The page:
The Scottish referendum has also directed media attention towards the international consequences of Scottish independence and to other European countries that are confronted with nationalist movements calling for self-determination. The Wall Street Journal discussed the possibility that the UK could lose its permanent seat at the UN Security Council as a consequence of a Yes vote, while Peter Martino, from the Gatesone Institute, argued that Russia could take advantage of Scottish secession to annex Eastern Ukraine. At the same time, on the Huffington Post, Robert McNamara suggested that ‘Scotland is just the tip of the Iceberg’, The Financial Times reminded us that ‘Catalan activists look to Scottish campaign as an object lesson’, the Russian Times revealed that the Okinawa independence movement is ‘looking to Scotland for inspiration’, and the Globe and Mail published an interesting editorial arguing that what Scotland, Catalonia and Quebec show is that ‘the unity case needs constant remaking’.
In other news,
Jordan Shilton has discussed the issue of socialist opposition to Scottish nationalism in an article for World Socialist Web Site, published 15 September;
Aric Toler has written an interesting piece for Global Voices that discusses Russian interests in the Scottish independence debate;
Nigel Farage (Leader of UKIP) has publicly criticised the Better Together campaign, and compared it to the defeat of English forces at the 1314 Battle of Bannockburn;
Fraser Nelson for The Spectator has suggested that recent comments made by former deputy leader of the SNP Jim Sillars should be seen as evidence of the ‘darker side of nationalism’;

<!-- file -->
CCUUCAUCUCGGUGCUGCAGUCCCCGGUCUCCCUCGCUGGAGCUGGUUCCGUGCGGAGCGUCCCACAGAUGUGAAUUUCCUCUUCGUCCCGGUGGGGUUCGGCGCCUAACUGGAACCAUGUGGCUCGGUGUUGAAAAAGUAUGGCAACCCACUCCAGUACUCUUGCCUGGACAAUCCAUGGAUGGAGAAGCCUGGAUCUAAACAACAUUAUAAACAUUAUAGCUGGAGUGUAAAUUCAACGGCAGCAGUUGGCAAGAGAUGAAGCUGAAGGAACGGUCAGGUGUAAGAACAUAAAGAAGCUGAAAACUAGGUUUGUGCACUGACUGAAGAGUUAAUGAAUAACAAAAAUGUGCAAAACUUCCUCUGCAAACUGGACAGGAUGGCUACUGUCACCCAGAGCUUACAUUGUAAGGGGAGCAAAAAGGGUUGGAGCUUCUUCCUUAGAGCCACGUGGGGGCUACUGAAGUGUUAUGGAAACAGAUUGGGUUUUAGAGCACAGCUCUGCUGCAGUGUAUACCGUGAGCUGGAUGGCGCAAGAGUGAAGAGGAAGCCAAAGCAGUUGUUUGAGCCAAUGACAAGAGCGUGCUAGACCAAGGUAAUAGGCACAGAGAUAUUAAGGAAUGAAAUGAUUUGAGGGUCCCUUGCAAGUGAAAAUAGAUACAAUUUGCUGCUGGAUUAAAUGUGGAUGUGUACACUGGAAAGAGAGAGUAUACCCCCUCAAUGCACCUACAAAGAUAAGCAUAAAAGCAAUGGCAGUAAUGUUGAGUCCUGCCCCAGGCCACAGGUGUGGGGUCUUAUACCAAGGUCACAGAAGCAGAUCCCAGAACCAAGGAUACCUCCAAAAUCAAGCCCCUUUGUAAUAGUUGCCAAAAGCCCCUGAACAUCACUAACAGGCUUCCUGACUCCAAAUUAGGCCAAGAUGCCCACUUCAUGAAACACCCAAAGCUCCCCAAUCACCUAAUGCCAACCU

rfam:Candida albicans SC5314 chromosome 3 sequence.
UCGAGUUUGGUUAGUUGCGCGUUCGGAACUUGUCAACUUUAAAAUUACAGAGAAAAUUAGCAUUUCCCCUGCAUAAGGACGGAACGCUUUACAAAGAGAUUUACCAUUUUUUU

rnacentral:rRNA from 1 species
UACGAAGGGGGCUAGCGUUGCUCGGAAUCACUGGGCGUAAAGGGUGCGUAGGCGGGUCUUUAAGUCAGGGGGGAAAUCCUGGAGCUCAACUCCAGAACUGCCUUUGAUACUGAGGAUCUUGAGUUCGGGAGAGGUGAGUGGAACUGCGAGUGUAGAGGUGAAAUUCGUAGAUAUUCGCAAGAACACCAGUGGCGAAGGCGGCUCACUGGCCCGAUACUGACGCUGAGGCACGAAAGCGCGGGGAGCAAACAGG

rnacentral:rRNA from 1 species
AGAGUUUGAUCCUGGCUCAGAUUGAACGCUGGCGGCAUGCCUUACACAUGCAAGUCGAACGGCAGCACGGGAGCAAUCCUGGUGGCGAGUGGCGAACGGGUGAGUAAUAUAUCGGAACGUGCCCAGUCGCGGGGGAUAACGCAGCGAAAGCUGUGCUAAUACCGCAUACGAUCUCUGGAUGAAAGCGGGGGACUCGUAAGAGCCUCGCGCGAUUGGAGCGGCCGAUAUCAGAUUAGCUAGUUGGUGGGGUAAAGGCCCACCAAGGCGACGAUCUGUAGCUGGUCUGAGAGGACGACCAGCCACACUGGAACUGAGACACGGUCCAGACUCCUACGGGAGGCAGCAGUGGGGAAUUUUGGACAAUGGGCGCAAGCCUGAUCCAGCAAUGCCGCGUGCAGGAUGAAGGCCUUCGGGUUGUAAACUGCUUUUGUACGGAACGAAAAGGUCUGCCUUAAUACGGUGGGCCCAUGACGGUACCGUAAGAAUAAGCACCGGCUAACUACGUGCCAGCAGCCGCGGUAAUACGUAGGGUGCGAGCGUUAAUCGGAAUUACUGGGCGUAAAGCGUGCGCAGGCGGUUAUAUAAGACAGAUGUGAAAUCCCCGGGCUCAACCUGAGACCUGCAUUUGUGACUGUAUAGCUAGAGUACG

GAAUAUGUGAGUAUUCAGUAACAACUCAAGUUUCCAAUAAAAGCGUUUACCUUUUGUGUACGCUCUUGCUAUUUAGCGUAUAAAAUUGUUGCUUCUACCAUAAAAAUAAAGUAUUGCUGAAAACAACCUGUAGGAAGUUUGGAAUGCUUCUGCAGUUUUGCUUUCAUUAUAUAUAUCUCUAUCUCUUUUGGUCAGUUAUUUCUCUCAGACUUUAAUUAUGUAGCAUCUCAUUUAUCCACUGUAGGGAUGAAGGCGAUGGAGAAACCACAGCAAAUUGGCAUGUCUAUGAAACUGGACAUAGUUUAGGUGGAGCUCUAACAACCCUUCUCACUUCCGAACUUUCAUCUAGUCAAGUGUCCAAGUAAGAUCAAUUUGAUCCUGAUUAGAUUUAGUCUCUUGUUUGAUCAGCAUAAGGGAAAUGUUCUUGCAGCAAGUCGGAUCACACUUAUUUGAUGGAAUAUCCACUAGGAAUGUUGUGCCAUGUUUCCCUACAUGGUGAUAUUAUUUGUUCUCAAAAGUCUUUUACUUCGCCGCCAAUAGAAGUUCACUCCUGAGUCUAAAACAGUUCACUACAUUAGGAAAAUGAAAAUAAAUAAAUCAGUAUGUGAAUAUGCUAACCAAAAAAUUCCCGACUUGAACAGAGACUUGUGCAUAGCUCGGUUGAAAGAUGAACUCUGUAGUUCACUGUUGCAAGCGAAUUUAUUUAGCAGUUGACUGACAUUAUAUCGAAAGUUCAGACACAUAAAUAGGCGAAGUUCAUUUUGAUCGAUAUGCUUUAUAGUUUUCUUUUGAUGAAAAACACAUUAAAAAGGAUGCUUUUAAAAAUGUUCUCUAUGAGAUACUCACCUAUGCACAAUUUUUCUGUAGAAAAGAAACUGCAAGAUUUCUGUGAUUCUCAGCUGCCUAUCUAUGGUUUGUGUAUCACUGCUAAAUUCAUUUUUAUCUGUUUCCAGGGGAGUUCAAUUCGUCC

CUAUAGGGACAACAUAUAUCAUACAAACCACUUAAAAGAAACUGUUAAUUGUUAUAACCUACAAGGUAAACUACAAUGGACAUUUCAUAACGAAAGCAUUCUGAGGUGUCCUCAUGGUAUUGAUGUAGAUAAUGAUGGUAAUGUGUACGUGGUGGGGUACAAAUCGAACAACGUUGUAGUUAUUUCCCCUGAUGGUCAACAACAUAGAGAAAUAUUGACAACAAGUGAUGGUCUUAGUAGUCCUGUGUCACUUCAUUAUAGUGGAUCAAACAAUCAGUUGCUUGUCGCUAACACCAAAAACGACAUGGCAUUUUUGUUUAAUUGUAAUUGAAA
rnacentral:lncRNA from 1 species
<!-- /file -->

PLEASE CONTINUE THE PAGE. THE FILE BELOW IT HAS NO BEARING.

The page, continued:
Kevin Maguire has written an opinion piece for The Mirror in which he laments the expenditure of public energy on the nationalism debate, suggesting instead that this energy should be channeled into discussing other political issues; and
The Guardian newspaper has published a 13 September editorial in which it is claimed that nationalism is not the answer to social injustice; a move that has in turn been criticised by Gilad Atzmon for Media With Conscience News;
If you read nothing about the Scottish referendum in the last months, the New York Times has published a useful Q&A for you to catch up;
Spanish European Affairs Minister, Inigo Mendez de Vigo, intervened in the debate over Scottish EU membership, arguing that Scotland would need to re-apply, the process would take five years and the new state would have to join the Eurozone;
Joseph O’Leary on fullfacts.org disproved the claim that, without Scotland, the UK would be doomed to permanent Conservative rule;
On September 15, First Minister Alex Salmond ruled out another referendum for the next generation if Scotland votes No;
Professor Peter Frakopan, Oxford University, imagined how the Bizantine Empire would have dealt with Scottish independence.